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PC Buyer's Guide: How to Buy When Things are Changing - Part 1

By Shakil Ahmed

It's that time of the year again. The holidays are upon us and gift-buying time is rapidly closing in. If you're thinking about purchasing a new computer for a family member or for your home business, you're not alone. Before you venture out to a computer store (or purchase a machine online) let's look at what you need to consider.

Prior to getting started, I'm going to make some basic assumptions that you're what we call in the business an "average end-user". Thus, my suggestions will be for small businesses, home offices, students and other average users. These are for people who will use their system for word processing, desktop publishing, surfing the web, retrieving e-mail, playing MP3 files and other basic activities. So-called "power users" (and you know who you are) will want a more robust system that can handle hard-core gaming, complex graphics and photo or video editing. My comments also apply to Windows PC rather than the Apple platform. If you're shopping for a desktop Mac, better stop reading now.

Processor Speed: Get a processor with a minimum speed of 700-megahertz. An Intel Celeron will do most people just fine. Unless you're a high-end user, you're not going to need an Intel Pentium III. My feeling is that the added features are not going to offer the average user much improvement. Manufacturers also tout added "bus" speed as a plus. This is all well and good but again, the average user is not going see much improvement in his or her everyday experience in this regard. In any case almost all systems now have a 133Mhz front side bus.

Memory: Memory or RAM as it's called, is one of those components that can't get enough of. Even with a fast microprocessor, if you don't have enough memory, you're added muscle will be wasted. I would say that you'll need at least 128 megs. Unless you're a power user, don't be overly concerned whether or not you're getting SDRAM or RDRAM. For the vast majority of people, it doesn't matter.

Storage: You'll want at least 15 gigabytes of hard drive. If you're purchasing your machine to store digital photos or you plan to raid Napster for MP3 files, better get at least a 20 gig drive. Nowadays it doesn't matter what brand of disk drive you get. They are all pretty much same as far as dependability goes. I'm not saying they are unbreakable, but most brands are rated fairly equally. You may want to look at getting a 7200 rpm drive if you are a power user.

Brand of Processor: Call me a traditionalist, but my preference is to stay away from AMD chips and stick with an Intel-manufactured processor. It's not that AMD chips are less powerful or necessarily a bad choice. In fact for "normal" use it really does not matter. It's just that I find that sometimes there are compatibility differences with AMD microprocessors and other components that you may want to add later. Our company has been building computers for many years and we find that it's just a fact of life that most components and peripherals are built around the Intel processors. For example, one of my colleagues, Rob Kay who also writes a column for PBN, has an AMD machine, which he often tweaks to get more utility for his home office. He recently added a USB port that simply would not work with his system. He wasted time and money getting his machine in working order. He traced the problem back to his AMD architecture. The lesson here is that this wouldn't have happened had he purchased an Intel chip.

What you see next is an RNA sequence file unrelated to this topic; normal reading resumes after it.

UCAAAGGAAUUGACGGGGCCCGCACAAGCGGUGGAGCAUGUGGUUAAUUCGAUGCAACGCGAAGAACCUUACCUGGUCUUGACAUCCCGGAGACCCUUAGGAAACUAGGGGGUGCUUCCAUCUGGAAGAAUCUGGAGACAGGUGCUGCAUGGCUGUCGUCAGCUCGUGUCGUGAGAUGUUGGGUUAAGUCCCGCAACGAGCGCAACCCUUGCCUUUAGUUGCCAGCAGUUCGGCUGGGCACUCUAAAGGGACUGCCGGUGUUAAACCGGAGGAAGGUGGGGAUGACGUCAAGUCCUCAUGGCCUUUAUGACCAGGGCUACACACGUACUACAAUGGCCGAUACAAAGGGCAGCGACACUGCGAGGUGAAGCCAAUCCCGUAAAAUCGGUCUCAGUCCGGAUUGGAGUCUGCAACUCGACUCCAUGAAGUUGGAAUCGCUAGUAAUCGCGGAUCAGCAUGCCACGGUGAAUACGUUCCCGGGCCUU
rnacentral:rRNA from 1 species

Operating System or "OS": The standard issue OS nowadays is Windows Me, the latest iteration of Windows 98. This will be OK for the average user but my preference would be Windows 2000-- especially if you're business user. Frankly it's more reliable. (Microsoft is working on an upgrade for Windows Me but that won't be out for a while.)

Video System: Video cards, which control the graphics display, are pretty much a commodity but we like video cards based on the Diamond ( now Sonic Blue ) and the ATI Chipset. The main thing is you'll want a card that has at least 8 megs of memory. If you're a gamer (or are sharing the machine with your high school kid who is) a card with 32 or more megs is better yet. The new cards based on the Geforce2, Voodoo5 are good choices for gamers. Bothe cards come with 64 megs. In our next column we'll look at other specs you need to consider when buying your gift PC. Happy hunting.
Shakil Ahmed is the founder of PDC Systems, a Honolulu computer and networking company established in 1991. Questions or comments should be addressed to askshak@pdcsystems.com

Published December 8, 2000

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